Bug News

Bug News

Observations, factoids, funny clips, and lots of bugs and other nature related images.

8-Minute Read

We all know butterflies can fly. And flit. And float, and flutter. Sometimes they even dart. But have you ever thought of them skipping? Well, someone did! Introducing the nimble-footed Silver-spotted Skipper!

The Silver-spotted Skipper, Epargyreus clarus, is one of the most recognizable species in the skipper family (= Hesperiidae) due to its large size and bright white splotch on its hind wing. Yes, there is a whole family full of skipping skipper butterflies - about 275 different species of skippers can be found in just North America. Unless you live in more tropical or subtropical climates though, most of these skippers are pretty small and come in various shades of browns, oranges, and yellows that can make identification difficult. Especially if trying to identify them from a photo or on-the-wing…. ;) The Silver-spotted Skipper, and other skippers in general, are really rather aptly named as these butterflies have relatively erratic flight patterns, quickly hopping, or skipping, to and fro from plant to plant. I suppose they could have also been named flitters or flitterers, but that sounds a bit too much like a pastry I like. Plus, it wouldn’t fit as nicely into my singsong title, now would it? Lol.

Silver-spotted Skipper on chives flower

Silver-spotted Skipper on chives flower

The Silver-spotted Skipper can be found throughout most of the US, and a bit into southern Canada and parts of Mexico. The butterflies can be seen skipping about in a number of habitats including wooded edges, fields and meadows, overgrown brushy/weedy areas, my garden, and even nearby swamps, rivers, and stream type areas. Basically, the Silver-spotted Skipper likes to hang out in places where it’s favorite flowers to drink nectar are located (I mean, I know I like to hang out near the kitchen). Although these skipper butterflies can be found in many places, they do have a strong preference for red, pink, blue, and purple flowers. The nectar favored by the Silver-spotted Skipper usually includes milkweed, red clovers, thistles (boy do I have a lot of those!), blazing star, buttonbush, and things in the pea plant family (with shades of pink and purple flowers).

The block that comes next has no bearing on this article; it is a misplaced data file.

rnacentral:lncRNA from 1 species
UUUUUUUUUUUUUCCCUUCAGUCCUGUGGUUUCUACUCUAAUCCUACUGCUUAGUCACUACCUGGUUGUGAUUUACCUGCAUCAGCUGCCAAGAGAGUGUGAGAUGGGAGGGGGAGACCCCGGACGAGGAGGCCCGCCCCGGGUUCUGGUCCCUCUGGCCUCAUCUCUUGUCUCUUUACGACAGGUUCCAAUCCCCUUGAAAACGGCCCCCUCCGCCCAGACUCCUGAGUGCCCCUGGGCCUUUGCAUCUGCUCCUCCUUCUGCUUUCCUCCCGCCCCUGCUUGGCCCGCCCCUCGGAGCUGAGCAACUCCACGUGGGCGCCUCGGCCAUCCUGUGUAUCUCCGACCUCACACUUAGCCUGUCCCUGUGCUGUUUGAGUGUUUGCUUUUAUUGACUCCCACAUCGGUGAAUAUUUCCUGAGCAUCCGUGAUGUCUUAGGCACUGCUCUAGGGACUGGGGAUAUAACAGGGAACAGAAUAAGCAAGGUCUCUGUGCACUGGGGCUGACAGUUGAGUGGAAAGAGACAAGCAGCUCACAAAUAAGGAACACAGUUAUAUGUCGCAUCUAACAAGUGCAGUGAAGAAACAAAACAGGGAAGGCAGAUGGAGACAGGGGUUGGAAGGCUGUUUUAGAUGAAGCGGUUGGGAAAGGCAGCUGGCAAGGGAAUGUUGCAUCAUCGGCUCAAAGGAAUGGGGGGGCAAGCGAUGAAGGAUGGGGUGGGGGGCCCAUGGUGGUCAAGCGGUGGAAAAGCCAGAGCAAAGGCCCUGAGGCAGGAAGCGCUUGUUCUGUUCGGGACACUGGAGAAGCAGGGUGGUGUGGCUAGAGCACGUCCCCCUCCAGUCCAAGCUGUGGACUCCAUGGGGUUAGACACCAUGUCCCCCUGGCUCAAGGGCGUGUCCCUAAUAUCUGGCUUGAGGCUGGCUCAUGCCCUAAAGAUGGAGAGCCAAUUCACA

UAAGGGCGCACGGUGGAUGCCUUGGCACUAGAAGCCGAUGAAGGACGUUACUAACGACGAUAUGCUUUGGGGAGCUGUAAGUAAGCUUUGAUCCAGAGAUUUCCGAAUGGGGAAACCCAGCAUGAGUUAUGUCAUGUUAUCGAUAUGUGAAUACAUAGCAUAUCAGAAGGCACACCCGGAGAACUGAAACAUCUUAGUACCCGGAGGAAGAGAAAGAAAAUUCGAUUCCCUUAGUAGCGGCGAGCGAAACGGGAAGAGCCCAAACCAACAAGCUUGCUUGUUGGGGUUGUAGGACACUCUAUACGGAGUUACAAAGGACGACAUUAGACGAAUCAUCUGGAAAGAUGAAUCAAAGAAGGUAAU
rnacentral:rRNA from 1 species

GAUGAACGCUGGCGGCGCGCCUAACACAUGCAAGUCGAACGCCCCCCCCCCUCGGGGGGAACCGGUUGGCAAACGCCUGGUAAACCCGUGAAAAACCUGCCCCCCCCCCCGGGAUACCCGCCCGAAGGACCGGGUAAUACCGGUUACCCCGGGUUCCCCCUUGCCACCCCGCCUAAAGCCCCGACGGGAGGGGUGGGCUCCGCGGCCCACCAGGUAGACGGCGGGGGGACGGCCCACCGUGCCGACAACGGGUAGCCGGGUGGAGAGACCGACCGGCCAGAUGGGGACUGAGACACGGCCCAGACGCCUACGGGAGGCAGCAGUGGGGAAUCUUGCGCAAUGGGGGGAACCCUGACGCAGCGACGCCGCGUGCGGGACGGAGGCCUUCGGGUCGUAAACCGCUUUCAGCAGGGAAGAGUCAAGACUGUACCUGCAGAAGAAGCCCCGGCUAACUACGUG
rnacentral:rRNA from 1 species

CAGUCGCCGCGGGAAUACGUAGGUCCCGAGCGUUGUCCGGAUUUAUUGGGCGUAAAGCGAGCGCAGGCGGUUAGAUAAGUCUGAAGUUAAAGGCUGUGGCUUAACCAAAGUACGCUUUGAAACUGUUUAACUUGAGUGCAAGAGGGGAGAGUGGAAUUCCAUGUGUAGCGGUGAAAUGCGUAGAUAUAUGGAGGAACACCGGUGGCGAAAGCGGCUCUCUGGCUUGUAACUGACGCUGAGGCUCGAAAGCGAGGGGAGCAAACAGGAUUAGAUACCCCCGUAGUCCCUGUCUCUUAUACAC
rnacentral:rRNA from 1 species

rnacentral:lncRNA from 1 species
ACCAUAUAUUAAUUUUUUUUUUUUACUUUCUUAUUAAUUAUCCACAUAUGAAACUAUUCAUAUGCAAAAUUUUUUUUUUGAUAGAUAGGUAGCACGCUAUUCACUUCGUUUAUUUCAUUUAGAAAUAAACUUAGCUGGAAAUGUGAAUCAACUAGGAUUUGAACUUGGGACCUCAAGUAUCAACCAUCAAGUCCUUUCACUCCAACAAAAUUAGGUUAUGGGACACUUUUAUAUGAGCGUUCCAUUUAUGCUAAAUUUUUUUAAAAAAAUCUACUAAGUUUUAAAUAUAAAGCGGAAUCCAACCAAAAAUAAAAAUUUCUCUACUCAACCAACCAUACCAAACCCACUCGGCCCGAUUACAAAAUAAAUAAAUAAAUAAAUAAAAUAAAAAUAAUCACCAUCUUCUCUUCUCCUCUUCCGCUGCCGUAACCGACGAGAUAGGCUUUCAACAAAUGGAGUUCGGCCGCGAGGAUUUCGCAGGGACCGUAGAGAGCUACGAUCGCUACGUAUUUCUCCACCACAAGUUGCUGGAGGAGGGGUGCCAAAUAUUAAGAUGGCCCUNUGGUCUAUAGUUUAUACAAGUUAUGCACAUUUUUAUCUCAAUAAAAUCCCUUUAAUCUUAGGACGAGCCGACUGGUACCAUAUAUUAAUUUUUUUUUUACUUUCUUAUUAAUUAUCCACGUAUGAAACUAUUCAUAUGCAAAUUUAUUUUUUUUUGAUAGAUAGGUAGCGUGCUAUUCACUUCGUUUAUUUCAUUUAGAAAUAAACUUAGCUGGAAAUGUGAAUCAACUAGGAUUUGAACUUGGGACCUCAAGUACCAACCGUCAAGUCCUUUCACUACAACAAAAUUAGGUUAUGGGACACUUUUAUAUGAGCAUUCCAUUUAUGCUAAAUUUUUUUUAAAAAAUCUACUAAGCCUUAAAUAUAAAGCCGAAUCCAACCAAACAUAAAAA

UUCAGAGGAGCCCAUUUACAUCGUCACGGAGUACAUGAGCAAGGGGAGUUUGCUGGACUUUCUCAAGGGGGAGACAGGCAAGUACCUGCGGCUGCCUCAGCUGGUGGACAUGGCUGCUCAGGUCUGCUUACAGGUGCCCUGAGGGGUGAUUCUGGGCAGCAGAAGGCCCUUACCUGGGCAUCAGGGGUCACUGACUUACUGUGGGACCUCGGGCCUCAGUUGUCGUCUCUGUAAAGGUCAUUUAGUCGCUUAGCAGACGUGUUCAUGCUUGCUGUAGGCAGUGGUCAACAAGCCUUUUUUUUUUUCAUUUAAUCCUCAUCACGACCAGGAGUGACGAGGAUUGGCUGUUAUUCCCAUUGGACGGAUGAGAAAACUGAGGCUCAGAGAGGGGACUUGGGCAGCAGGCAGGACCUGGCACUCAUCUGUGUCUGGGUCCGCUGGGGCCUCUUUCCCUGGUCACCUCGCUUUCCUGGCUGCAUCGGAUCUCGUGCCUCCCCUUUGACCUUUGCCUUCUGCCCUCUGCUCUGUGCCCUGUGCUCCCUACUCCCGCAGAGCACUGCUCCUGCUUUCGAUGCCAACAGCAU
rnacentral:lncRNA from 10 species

Although they are not the only butterflies that do this, Silver-spotted Skippers also have a fondness for some less than pretty drinking options. Like mud… And dead animals… And bird poop… Gross, right? But why would these lovely butterflies do that when they have so many pretty flowers to drink from? Well, apparently mud, dead animals, and bird poop are all good sources of extra minerals and nutrients the butterflies need. Like nitrogen and sodium. Don’t get me wrong, I like salt as much as the next person (possibly a bit more), but I think I would have to learn to do without if that was the only method to get it…

Silver-spotted Skipper with it’s wings spread (hiding the silver)

Silver-spotted Skipper with it’s wings spread (hiding the silver)